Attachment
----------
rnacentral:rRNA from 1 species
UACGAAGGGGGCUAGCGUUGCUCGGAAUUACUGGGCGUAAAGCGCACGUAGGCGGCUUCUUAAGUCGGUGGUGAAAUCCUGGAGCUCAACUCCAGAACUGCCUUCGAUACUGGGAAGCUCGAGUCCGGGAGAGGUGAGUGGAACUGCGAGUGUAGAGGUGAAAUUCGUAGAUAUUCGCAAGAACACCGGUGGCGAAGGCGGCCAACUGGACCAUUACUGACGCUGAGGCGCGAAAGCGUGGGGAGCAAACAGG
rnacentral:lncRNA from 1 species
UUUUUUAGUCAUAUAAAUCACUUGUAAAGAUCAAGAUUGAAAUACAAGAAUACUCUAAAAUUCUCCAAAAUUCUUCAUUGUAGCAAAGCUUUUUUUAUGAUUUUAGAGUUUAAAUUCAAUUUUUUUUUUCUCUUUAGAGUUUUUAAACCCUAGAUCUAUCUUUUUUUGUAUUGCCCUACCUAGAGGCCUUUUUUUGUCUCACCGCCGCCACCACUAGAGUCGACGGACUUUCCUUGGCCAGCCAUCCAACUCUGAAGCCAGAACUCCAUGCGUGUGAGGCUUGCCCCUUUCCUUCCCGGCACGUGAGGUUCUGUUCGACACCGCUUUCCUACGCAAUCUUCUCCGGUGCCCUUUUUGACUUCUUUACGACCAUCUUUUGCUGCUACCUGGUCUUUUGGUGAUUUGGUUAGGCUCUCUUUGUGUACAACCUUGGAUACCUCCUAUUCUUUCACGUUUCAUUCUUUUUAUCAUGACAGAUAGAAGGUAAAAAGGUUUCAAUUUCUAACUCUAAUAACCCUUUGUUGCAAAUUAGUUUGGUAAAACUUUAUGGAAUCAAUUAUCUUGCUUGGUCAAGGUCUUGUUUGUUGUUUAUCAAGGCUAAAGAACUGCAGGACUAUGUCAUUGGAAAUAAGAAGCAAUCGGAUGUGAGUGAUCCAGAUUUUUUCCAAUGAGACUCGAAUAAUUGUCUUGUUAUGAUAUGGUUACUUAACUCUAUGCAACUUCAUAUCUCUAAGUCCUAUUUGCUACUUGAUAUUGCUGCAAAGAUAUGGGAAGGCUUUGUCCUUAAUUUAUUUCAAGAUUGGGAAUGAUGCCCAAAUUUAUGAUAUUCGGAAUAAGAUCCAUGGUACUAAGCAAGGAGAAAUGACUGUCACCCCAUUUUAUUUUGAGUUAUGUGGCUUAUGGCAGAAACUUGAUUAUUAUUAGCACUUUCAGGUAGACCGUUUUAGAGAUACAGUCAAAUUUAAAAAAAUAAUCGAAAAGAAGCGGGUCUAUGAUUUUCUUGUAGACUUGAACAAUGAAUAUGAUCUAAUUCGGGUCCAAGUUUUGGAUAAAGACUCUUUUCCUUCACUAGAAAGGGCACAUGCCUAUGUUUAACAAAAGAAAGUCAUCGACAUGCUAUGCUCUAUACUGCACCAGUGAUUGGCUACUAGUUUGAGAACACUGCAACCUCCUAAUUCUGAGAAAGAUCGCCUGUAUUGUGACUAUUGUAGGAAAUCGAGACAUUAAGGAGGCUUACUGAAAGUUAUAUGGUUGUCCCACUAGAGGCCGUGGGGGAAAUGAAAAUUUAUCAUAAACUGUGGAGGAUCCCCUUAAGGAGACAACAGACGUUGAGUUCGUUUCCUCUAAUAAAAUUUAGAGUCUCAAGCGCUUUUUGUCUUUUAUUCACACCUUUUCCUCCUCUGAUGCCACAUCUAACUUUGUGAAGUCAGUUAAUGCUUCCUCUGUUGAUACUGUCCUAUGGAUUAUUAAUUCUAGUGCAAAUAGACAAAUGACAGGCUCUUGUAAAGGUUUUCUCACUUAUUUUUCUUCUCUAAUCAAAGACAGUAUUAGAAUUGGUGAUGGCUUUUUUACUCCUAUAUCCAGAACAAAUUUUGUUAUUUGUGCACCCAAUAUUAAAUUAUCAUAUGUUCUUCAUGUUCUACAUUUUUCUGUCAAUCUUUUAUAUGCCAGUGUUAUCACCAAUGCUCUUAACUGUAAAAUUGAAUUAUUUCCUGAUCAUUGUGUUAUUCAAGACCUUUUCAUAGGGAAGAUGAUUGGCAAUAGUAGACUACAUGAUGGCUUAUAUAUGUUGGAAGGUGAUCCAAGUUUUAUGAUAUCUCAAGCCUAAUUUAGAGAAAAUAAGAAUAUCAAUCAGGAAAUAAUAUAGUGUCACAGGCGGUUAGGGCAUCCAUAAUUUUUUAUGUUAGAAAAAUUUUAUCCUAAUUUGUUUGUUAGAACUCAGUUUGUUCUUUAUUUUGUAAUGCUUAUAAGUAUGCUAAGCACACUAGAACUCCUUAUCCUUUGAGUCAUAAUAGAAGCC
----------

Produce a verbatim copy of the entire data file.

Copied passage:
rnacentral:rRNA from 1 species
UACGAAGGGGGCUAGCGUUGCUCGGAAUUACUGGGCGUAAAGCGCACGUAGGCGGCUUCUUAAGUCGGUGGUGAAAUCCUGGAGCUCAACUCCAGAACUGCCUUCGAUACUGGGAAGCUCGAGUCCGGGAGAGGUGAGUGGAACUGCGAGUGUAGAGGUGAAAUUCGUAGAUAUUCGCAAGAACACCGGUGGCGAAGGCGGCCAACUGGACCAUUACUGACGCUGAGGCGCGAAAGCGUGGGGAGCAAACAGG
rnacentral:lncRNA from 1 species
UUUUUUAGUCAUAUAAAUCACUUGUAAAGAUCAAGAUUGAAAUACAAGAAUACUCUAAAAUUCUCCAAAAUUCUUCAUUGUAGCAAAGCUUUUUUUAUGAUUUUAGAGUUUAAAUUCAAUUUUUUUUUUCUCUUUAGAGUUUUUAAACCCUAGAUCUAUCUUUUUUUGUAUUGCCCUACCUAGAGGCCUUUUUUUGUCUCACCGCCGCCACCACUAGAGUCGACGGACUUUCCUUGGCCAGCCAUCCAACUCUGAAGCCAGAACUCCAUGCGUGUGAGGCUUGCCCCUUUCCUUCCCGGCACGUGAGGUUCUGUUCGACACCGCUUUCCUACGCAAUCUUCUCCGGUGCCCUUUUUGACUUCUUUACGACCAUCUUUUGCUGCUACCUGGUCUUUUGGUGAUUUGGUUAGGCUCUCUUUGUGUACAACCUUGGAUACCUCCUAUUCUUUCACGUUUCAUUCUUUUUAUCAUGACAGAUAGAAGGUAAAAAGGUUUCAAUUUCUAACUCUAAUAACCCUUUGUUGCAAAUUAGUUUGGUAAAACUUUAUGGAAUCAAUUAUCUUGCUUGGUCAAGGUCUUGUUUGUUGUUUAUCAAGGCUAAAGAACUGCAGGACUAUGUCAUUGGAAAUAAGAAGCAAUCGGAUGUGAGUGAUCCAGAUUUUUUCCAAUGAGACUCGAAUAAUUGUCUUGUUAUGAUAUGGUUACUUAACUCUAUGCAACUUCAUAUCUCUAAGUCCUAUUUGCUACUUGAUAUUGCUGCAAAGAUAUGGGAAGGCUUUGUCCUUAAUUUAUUUCAAGAUUGGGAAUGAUGCCCAAAUUUAUGAUAUUCGGAAUAAGAUCCAUGGUACUAAGCAAGGAGAAAUGACUGUCACCCCAUUUUAUUUUGAGUUAUGUGGCUUAUGGCAGAAACUUGAUUAUUAUUAGCACUUUCAGGUAGACCGUUUUAGAGAUACAGUCAAAUUUAAAAAAAUAAUCGAAAAGAAGCGGGUCUAUGAUUUUCUUGUAGACUUGAACAAUGAAUAUGAUCUAAUUCGGGUCCAAGUUUUGGAUAAAGACUCUUUUCCUUCACUAGAAAGGGCACAUGCCUAUGUUUAACAAAAGAAAGUCAUCGACAUGCUAUGCUCUAUACUGCACCAGUGAUUGGCUACUAGUUUGAGAACACUGCAACCUCCUAAUUCUGAGAAAGAUCGCCUGUAUUGUGACUAUUGUAGGAAAUCGAGACAUUAAGGAGGCUUACUGAAAGUUAUAUGGUUGUCCCACUAGAGGCCGUGGGGGAAAUGAAAAUUUAUCAUAAACUGUGGAGGAUCCCCUUAAGGAGACAACAGACGUUGAGUUCGUUUCCUCUAAUAAAAUUUAGAGUCUCAAGCGCUUUUUGUCUUUUAUUCACACCUUUUCCUCCUCUGAUGCCACAUCUAACUUUGUGAAGUCAGUUAAUGCUUCCUCUGUUGAUACUGUCCUAUGGAUUAUUAAUUCUAGUGCAAAUAGACAAAUGACAGGCUCUUGUAAAGGUUUUCUCACUUAUUUUUCUUCUCUAAUCAAAGACAGUAUUAGAAUUGGUGAUGGCUUUUUUACUCCUAUAUCCAGAACAAAUUUUGUUAUUUGUGCACCCAAUAUUAAAUUAUCAUAUGUUCUUCAUGUUCUACAUUUUUCUGUCAAUCUUUUAUAUGCCAGUGUUAUCACCAAUGCUCUUAACUGUAAAAUUGAAUUAUUUCCUGAUCAUUGUGUUAUUCAAGACCUUUUCAUAGGGAAGAUGAUUGGCAAUAGUAGACUACAUGAUGGCUUAUAUAUGUUGGAAGGUGAUCCAAGUUUUAUGAUAUCUCAAGCCUAAUUUAGAGAAAAUAAGAAUAUCAAUCAGGAAAUAAUAUAGUGUCACAGGCGGUUAGGGCAUCCAUAAUUUUUUAUGUUAGAAAAAUUUUAUCCUAAUUUGUUUGUUAGAACUCAGUUUGUUCUUUAUUUUGUAAUGCUUAUAAGUAUGCUAAGCACACUAGAACUCCUUAUCCUUUGAGUCAUAAUAGAAGCC